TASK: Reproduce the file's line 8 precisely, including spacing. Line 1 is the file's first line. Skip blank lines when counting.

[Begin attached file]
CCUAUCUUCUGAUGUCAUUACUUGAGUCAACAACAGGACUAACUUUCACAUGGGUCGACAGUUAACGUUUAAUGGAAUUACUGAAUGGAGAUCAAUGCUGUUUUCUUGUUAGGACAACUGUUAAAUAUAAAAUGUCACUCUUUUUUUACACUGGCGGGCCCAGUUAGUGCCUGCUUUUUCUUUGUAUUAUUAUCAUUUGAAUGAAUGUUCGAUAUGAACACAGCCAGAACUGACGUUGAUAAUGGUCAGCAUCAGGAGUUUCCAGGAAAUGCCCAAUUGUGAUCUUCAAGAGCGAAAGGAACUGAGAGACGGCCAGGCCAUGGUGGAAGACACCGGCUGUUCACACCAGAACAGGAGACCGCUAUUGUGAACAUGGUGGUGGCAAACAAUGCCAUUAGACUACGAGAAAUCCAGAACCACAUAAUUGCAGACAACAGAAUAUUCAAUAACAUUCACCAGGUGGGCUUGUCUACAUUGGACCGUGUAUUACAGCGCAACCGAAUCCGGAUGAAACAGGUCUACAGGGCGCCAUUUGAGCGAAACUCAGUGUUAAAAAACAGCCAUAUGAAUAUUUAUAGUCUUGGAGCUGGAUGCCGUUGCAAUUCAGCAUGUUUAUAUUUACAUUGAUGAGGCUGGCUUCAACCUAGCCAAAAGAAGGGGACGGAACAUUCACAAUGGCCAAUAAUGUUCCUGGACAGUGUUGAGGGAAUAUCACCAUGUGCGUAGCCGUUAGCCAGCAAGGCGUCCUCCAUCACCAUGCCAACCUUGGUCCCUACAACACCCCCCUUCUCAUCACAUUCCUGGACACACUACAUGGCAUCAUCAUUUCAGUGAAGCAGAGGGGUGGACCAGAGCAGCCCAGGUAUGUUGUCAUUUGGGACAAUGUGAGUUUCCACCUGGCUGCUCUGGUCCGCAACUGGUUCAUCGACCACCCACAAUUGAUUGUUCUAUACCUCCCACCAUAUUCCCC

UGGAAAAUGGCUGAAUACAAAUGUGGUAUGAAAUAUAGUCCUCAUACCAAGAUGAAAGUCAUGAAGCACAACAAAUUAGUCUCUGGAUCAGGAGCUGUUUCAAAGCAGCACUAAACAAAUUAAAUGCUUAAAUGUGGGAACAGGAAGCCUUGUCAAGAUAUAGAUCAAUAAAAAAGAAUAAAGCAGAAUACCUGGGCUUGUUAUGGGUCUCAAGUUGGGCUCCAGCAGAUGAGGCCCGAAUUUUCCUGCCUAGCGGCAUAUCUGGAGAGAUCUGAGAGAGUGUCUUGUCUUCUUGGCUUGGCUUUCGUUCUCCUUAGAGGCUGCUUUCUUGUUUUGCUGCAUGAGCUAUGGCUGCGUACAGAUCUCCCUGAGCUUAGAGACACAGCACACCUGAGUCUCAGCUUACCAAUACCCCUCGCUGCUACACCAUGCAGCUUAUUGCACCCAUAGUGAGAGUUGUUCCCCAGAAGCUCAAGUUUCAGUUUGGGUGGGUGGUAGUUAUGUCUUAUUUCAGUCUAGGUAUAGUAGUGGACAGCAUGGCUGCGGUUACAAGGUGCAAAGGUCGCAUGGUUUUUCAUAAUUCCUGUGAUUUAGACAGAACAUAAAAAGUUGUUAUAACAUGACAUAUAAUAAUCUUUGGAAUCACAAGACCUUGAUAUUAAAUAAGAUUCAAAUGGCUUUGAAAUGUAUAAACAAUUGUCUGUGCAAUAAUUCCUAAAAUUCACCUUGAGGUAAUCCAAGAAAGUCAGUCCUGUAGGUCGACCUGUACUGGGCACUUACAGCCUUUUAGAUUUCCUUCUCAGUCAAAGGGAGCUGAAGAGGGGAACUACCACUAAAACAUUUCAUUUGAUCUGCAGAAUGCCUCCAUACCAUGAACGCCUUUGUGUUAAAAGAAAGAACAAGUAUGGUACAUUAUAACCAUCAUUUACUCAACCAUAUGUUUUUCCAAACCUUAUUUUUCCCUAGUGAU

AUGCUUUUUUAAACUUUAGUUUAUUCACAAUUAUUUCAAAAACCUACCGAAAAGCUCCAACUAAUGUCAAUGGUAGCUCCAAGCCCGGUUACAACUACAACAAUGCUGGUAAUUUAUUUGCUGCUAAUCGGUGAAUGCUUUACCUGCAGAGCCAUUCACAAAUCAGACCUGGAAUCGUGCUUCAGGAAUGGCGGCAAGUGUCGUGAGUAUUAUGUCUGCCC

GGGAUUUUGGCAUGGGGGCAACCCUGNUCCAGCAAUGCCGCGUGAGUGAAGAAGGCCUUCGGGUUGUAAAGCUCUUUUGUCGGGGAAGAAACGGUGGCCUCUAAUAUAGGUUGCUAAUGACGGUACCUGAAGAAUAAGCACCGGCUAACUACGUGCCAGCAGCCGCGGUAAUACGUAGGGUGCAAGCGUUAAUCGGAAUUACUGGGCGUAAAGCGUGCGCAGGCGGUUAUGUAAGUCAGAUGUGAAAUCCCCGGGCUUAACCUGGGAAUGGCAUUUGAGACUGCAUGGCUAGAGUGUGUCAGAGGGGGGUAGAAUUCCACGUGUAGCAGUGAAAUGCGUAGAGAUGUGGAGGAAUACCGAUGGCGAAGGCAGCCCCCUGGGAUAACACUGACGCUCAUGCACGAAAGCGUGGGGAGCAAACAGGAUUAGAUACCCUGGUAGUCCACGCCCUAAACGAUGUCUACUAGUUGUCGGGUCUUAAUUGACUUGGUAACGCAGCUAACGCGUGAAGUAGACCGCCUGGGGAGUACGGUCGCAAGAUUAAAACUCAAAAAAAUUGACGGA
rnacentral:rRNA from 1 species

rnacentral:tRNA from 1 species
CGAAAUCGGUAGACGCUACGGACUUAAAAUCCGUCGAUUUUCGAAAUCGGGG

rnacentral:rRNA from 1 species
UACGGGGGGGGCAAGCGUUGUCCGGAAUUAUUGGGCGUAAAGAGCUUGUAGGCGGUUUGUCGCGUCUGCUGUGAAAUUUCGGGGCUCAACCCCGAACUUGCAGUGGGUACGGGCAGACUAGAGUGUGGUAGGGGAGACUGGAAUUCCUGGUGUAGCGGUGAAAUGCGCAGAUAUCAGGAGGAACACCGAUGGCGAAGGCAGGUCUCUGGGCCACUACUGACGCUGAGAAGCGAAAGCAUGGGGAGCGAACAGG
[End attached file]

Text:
rnacentral:rRNA from 1 species